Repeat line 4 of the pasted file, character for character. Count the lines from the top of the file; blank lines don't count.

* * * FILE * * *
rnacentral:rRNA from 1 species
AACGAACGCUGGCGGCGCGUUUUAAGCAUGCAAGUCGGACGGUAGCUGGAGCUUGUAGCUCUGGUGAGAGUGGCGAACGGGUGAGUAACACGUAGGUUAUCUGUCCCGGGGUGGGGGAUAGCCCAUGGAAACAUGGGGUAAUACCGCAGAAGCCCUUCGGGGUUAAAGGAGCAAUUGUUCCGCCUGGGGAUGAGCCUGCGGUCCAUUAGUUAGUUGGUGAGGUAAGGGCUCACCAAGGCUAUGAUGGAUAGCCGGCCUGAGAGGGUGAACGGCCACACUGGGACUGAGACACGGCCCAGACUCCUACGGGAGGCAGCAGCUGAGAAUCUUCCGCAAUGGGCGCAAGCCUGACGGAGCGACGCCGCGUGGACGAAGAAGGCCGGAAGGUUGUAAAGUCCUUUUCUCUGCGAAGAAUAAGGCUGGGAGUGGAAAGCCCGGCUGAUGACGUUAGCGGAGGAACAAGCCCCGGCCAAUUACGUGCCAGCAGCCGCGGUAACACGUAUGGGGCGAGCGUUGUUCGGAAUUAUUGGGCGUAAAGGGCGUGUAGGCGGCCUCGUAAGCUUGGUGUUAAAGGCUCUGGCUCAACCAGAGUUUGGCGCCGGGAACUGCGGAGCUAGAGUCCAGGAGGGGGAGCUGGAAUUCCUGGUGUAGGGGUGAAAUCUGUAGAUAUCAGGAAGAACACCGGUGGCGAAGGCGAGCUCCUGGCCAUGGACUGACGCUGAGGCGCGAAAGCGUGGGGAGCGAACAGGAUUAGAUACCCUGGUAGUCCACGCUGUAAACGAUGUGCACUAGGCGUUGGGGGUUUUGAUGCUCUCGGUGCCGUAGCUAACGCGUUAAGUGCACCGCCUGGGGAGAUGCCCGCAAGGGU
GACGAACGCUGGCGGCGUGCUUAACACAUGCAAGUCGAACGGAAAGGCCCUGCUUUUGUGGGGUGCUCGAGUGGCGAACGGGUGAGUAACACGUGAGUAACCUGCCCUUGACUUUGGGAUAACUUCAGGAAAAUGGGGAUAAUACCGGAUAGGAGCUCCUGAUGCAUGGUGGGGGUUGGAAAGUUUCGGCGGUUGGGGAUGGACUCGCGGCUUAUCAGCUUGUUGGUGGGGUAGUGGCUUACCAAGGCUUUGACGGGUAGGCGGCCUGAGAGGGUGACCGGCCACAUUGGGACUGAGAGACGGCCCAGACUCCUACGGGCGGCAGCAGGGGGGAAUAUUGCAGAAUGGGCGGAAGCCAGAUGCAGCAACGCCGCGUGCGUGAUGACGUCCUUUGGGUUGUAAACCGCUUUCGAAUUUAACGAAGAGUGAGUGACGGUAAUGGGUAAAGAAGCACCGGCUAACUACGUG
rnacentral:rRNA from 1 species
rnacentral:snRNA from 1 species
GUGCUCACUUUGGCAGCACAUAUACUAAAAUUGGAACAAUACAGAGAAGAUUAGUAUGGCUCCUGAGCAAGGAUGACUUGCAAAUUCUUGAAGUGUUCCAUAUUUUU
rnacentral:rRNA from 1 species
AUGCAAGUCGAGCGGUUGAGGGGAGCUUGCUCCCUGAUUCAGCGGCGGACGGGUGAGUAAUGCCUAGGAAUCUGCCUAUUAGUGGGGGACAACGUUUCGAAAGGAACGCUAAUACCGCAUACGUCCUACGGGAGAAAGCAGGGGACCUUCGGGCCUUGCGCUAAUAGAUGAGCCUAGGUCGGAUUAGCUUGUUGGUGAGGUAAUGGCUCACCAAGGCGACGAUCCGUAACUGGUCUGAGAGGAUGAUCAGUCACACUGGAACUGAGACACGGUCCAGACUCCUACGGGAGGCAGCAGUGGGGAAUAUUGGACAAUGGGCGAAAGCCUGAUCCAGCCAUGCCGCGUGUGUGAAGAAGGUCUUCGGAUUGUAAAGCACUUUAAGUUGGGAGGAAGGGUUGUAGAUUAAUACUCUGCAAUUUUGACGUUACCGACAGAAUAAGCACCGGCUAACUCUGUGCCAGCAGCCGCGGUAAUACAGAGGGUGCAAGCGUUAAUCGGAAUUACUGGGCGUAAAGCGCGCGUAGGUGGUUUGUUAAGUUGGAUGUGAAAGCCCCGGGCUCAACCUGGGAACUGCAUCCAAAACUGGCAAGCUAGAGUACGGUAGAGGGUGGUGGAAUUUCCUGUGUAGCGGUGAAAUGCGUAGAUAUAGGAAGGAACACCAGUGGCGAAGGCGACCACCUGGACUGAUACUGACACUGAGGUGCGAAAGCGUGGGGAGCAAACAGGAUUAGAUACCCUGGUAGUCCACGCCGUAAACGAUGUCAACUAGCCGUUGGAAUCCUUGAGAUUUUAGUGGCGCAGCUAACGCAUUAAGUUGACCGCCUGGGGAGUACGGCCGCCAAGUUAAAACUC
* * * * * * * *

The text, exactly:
rnacentral:rRNA from 1 species